‘Poltergeist isn’t a bad film, but that doesn’t necessarily make it a good film…’
By Thomas Simpson
Poltergeist is the latest film to get the remake treatment. The 1982 original was co-written by Stephen Spielberg and Directed by Tobe Hooper; it’s considered a classic. The horror genre has evolved and regressed so much in thirty years, the 2015 version of Poltergeist had to produce something special to make its mark.
Eric and Amy Bowen (Sam Rockwell, Rosemarie DeWitt) are house hunting with their three children, when they come across a good deal. It’s in a quiet neighbourhood and it’s within their price range. Their son Griffin (Kyle Catlett) is easily scared. It doesn’t help that he hears strange noises from his bedroom and discovers his younger sister Maddy (Kennedi Clements) talking to the people in the TV. Parents being parents, they shrug off their son’s worries and leave the oldest sibling Kendra (Saxon Sharbino) to babysit while they go out.
When they return they find the house and their world turned upside down. Griffin is tangled up in a tree he claims tried to eat him and Kendra is in tears at being attacked by supernatural forces. As for Maddy, she is missing. Her voice emanates from the TV but she is nowhere to be seen. Realising they are dealing with otherworldly forces, the Bowens contact professionals to solve the mystery.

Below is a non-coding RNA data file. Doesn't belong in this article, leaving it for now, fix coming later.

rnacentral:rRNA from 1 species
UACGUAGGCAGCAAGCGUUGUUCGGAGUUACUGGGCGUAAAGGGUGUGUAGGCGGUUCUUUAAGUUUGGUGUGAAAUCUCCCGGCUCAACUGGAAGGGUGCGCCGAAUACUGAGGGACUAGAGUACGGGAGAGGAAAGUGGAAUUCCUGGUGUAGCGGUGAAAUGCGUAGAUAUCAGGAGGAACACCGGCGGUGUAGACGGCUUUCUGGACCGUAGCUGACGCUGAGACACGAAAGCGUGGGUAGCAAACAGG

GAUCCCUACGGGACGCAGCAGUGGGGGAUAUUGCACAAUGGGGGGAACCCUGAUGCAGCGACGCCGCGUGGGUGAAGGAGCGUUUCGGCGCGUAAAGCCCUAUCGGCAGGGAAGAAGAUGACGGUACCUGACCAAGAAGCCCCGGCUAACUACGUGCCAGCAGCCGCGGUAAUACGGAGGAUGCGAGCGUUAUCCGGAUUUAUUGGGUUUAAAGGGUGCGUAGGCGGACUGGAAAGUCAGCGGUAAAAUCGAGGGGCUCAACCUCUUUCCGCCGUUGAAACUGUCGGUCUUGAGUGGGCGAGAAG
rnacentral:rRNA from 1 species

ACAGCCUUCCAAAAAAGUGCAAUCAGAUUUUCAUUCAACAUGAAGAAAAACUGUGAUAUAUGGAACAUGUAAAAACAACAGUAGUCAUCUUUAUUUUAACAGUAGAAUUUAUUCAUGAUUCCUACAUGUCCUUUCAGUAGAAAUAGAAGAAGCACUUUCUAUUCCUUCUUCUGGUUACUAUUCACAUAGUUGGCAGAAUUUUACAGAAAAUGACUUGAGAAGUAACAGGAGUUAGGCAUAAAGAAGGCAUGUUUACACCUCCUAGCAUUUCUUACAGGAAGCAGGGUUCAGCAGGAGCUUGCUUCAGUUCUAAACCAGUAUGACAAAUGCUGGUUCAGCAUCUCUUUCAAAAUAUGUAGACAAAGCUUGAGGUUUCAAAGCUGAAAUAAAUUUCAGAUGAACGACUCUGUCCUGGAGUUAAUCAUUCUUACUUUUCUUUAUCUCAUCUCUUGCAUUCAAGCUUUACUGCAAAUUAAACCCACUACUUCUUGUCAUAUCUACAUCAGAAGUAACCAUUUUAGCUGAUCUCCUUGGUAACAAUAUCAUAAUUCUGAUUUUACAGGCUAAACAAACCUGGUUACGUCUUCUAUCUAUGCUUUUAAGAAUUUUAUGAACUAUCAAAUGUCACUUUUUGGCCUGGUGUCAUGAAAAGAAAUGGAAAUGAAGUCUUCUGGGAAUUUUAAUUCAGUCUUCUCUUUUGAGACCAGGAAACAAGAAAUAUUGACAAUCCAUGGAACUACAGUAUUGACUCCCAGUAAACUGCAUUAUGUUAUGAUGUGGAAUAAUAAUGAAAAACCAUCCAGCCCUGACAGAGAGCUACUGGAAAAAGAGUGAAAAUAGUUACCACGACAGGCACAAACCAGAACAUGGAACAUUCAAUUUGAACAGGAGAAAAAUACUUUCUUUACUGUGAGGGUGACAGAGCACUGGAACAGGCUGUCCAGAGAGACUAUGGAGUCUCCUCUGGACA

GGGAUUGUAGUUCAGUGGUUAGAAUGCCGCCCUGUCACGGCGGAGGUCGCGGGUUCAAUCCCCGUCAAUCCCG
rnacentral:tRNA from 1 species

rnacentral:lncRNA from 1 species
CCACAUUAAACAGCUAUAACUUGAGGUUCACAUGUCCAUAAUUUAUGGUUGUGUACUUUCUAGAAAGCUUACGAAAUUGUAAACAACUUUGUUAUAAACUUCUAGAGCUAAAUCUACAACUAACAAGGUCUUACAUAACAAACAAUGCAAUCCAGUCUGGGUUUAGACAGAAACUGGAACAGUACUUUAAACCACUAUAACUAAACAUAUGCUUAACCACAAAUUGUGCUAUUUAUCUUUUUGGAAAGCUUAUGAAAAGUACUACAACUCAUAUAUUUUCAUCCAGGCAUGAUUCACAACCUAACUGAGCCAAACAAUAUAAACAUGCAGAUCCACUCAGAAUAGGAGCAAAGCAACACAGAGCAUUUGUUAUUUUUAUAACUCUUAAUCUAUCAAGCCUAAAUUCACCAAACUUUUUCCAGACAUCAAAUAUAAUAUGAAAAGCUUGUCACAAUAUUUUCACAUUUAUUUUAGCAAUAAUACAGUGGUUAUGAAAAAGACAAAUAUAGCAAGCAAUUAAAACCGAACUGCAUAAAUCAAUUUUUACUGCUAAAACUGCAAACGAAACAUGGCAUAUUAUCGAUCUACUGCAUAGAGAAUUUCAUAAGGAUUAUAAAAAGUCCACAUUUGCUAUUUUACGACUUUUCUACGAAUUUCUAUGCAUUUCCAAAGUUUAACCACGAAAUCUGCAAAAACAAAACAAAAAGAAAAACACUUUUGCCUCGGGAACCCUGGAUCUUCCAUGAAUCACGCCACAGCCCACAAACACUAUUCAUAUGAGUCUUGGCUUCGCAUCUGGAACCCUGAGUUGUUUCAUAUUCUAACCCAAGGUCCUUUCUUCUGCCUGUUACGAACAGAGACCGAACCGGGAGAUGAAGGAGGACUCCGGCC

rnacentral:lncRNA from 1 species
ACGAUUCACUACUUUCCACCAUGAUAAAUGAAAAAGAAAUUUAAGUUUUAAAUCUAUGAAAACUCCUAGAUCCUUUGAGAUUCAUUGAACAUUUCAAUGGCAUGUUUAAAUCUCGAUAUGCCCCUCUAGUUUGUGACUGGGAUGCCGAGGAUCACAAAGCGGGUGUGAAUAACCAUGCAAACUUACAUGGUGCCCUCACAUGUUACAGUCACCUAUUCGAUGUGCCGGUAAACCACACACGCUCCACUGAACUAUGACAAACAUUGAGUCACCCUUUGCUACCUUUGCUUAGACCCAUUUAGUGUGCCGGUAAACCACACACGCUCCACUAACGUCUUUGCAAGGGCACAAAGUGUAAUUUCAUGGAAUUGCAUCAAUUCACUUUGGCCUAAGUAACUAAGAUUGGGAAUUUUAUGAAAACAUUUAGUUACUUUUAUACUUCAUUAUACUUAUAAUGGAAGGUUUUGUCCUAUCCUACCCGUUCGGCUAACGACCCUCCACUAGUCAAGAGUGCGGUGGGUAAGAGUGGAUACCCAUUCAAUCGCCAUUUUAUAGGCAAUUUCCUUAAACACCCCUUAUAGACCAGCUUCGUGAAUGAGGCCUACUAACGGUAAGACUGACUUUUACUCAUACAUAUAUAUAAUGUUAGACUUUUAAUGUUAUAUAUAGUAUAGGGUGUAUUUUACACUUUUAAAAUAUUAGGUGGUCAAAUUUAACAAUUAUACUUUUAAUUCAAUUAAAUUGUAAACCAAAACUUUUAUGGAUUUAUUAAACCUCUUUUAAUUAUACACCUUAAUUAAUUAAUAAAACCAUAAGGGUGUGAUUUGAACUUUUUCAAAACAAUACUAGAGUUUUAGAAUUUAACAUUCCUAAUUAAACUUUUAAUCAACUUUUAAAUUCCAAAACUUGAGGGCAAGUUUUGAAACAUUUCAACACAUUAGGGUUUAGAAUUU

Poltergeist isn’t a bad film, but that doesn’t necessarily make it a good film, its main problem being that it just isn’t scary. Director Gil Kenan produces a couple of worthy fake scares, however they prove to be more effective than the legitimate attempts that follow.
Unfortunately there is little surprises to be had for anyone familiar with the original. The clown and tree attacks provide less impact here with the horrific mirror scene omitted for the new audience. That’s not to say Kenan can’t ramp up the tension. The drill set piece is edge of the seat stuff, it’s just a shame that instances like this are few and far between.
Pulitzer Prize winning playwright David Lindsay-Abaire wrote the screenplay yet it lacks any of the drama that he’s famous for. The Bowens’ are clichés with no real depth or conflict with the plot relying too heavily on the original with updated technology for contemporary viewers.
Kenan’s background in children’s films is evident here as Poltergeist plays out at times like an episode of Nickelodeon’s seminal kids’ series Are you Afraid of the Dark? There are scenes that would be deemed too distressing for younger audiences and there’s not enough material to frighten the older crowd. The film walks this thin line throughout but the end result is it’s too scary for children and not scary enough for adults.
That leaves Poltergeist inhabiting a limbo world much like the one where Maddy has been taken to. It’s inoffensive and regrettably nowhere near as fun or creepy as it should be. It’s unfortunate that the films influenced by the original leave the remake in the shade.
Thomas Simpson is a writer and filmmaker based in Glasgow, U.K. Find him on Twitter: @Simmy41.